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Short Communication - African Journal of Diabetes medicine (2022)

Diabetic ketoacidosis patients can have a wide range of serum potassium concentrations
Department of Environmental Science and Engineering, Nankai University, China

*Corresponding Author:

Dong Zhou, Department of Environmental Science and Engineering, Nankai University, China, Email: [email protected]

Received: 31-Aug-2022, Manuscript No. AJDM-22-80108; Editor assigned: 02-Sep-2022, Pre QC No. AJDM-22-80108 (PQ); Reviewed: 16-Sep-2022, QC No. AJDM-22-80108; Revised: 21-Sep-2022, Manuscript No. AJDM-22-80108 (R); Published: 28-Sep-2022

Introduction

Diabetic ketoacidosis is common in children with known type 1 diabetes. It affects about 1-10% of children with type 1 diabetes each year. Usually these children are either not taking insulin or have insulin delivery problems (such as insulin pump problems). Diabetic ketoacidosis can also occur when children do not get enough insulin when they are sick (when they are sick they need more insulin). Without insulin, cells cannot use glucose in the blood. Cells switch to backup mechanisms to gain energy and break down fat. Its by-products are compounds called ketones.

Ketones acidify the blood (ketoacidosis), causing nausea, vomiting, fatigue, and abdominal pain. Ketones make a child’s breathe smell like nail polish remover.1 Breathing becomes deeper and faster as the body tries to compensate for the acidity of the blood. Some children develop headaches, which can make them confused and less alert. These symptoms can be caused by fluid accumulation in the brain (cerebral edema).

Description

Diabetic ketoacidosis usually occurs because the body does not have enough insulin. Cells cannot use sugar in the blood for energy, so they use fat for fuel instead. Fat burning produces acids called ketones. If this process continues for some time, it can accumulate in the blood. This excess can alter the chemical balance of the blood and unbalance the entire system. A child is said to have diabetes if they have elevated blood sugar levels in addition to the typical diabetes symptoms. The diagnosis is confirmed by measuring blood sugar levels.2 Blood sugar levels can be measured in the morning before the child eats (called fasting blood sugar) or outside meals (called control blood sugar). People with type 1 diabetes are at risk of ketoacidosis because their bodies don’t produce insulin. Untreated ketoacidosis can lead to unconsciousness, coma, and even death. I have to go to the hospital to treat DKA. When you try to keep your blood sugar normal, you run the risk of getting your blood sugar too low.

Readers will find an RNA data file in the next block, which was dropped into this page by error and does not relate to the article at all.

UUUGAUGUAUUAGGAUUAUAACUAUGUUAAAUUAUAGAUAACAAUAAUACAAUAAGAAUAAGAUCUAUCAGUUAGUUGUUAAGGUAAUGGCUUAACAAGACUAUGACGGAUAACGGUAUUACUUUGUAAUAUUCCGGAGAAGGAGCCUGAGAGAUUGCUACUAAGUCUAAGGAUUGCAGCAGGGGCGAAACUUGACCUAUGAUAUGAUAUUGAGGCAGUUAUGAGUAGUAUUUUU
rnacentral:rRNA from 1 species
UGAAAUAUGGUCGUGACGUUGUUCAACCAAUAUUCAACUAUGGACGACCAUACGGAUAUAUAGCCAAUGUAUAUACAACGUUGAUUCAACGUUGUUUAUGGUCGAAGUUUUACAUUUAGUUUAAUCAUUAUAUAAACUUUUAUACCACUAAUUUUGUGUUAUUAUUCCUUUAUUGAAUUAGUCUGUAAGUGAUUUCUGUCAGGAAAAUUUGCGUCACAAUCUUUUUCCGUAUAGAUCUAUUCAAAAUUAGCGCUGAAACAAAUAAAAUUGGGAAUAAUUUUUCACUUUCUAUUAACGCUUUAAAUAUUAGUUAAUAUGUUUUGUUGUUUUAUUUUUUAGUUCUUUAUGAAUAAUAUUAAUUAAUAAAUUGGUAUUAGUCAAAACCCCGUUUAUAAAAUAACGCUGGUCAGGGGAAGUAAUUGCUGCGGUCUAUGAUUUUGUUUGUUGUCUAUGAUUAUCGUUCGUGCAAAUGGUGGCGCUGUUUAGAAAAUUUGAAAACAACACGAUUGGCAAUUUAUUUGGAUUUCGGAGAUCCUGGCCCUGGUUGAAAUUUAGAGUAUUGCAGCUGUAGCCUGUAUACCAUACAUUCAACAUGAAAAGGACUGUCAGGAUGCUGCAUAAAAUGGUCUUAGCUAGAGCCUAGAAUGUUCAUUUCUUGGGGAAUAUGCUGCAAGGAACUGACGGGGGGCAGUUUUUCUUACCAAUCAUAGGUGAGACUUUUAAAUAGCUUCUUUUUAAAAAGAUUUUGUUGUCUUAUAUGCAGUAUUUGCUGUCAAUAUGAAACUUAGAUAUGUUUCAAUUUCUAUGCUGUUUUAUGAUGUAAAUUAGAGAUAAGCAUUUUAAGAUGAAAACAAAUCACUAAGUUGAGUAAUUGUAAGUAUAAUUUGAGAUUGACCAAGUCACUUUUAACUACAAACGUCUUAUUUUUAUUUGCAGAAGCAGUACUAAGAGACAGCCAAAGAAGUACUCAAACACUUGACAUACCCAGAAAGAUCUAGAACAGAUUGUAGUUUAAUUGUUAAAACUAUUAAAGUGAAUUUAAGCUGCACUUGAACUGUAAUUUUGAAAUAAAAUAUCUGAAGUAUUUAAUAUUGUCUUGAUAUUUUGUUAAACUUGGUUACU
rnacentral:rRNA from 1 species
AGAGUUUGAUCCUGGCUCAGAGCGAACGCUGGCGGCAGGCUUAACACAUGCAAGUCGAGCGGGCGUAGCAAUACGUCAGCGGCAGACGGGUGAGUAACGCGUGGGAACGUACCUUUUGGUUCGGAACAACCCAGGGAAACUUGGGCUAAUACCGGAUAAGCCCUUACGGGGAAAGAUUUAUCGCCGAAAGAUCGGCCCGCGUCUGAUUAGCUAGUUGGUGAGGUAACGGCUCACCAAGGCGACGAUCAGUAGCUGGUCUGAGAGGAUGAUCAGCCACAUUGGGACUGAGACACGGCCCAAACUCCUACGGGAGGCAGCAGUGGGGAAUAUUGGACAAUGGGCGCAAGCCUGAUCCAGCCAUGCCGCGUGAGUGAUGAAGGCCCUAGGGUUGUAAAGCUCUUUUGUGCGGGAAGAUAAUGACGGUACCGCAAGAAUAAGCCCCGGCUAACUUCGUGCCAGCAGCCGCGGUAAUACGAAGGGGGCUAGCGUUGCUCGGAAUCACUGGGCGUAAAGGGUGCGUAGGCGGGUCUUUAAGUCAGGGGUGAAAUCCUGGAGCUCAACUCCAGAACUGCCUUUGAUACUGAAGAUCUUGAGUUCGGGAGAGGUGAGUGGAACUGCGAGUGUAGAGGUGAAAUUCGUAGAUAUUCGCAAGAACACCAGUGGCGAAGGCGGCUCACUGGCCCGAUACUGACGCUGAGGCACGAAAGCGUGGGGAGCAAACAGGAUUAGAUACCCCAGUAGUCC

Hyperglycemia by DKA results from accelerated gluconeogenesis, glycogenolysis, and decreased glucose utilization. All of these are due to absolute insulin deficiency. It may occur in diabetic patients who develop DKA during treatment with SGLT-2 inhibitors without hyperglycemia, i.e. H. euglycemic DKA.3 Increased lipolysis and decreased lipogenesis convert abundant free fatty acids to ketone bodies: beta-hydroxybutyrate (beta-OHB), acetoacetate, and acetone. Hyperglycemia-induced osmotic diuresis, if not accompanied by adequate oral water intake, leads to dehydration, hyperosmolarity, electrolyte depletion, and subsequent decreased glomerular filtration. As renal function declines, glucosuria decreases and hyperglycemia/ hyperosmolarity worsens. Impaired insulin action and hyperosmolarity significantly reduce potassium utilization by skeletal muscle, leading to intracellular potassium depletion.4 Potassium is also lost through osmotic diuresis, leading to severe systemic potassium deficiency. Therefore, DKA patients can have a wide range of serum potassium concentrations.

Conclusion

Acidosis usually causes a respiratory response. Lowering the bicarbonate and pH will cause hyperventilation, reducing carbon dioxide and preventing further pH drop. When excess glucose enters the renal tubules, a lot of water is taken up and eventually a lot of urine is produced. This is called osmotic diuresis, and the patient loses fluid volume and becomes dehydrated. If left untreated, diabetic ketoacidosis can lead to coma and death. Symptoms of diabetic ketoacidosis include excessive thirst, frequent urination, nausea and vomiting, stomach pain, weakness or fatigue, shortness of breath, fruity breath, and confusion. Nonetheless, ‘normal’ plasma potassium concentrations indicate that the body’s potassium stores are severely depleted, and that initiation of insulin therapy and correction of hyperglycemia will lead to future hypokalemia.

Acknowledgement

None.

Conflict of Interest

The author has nothing to disclose and also state no conflict of interest in the submission of this manuscript.

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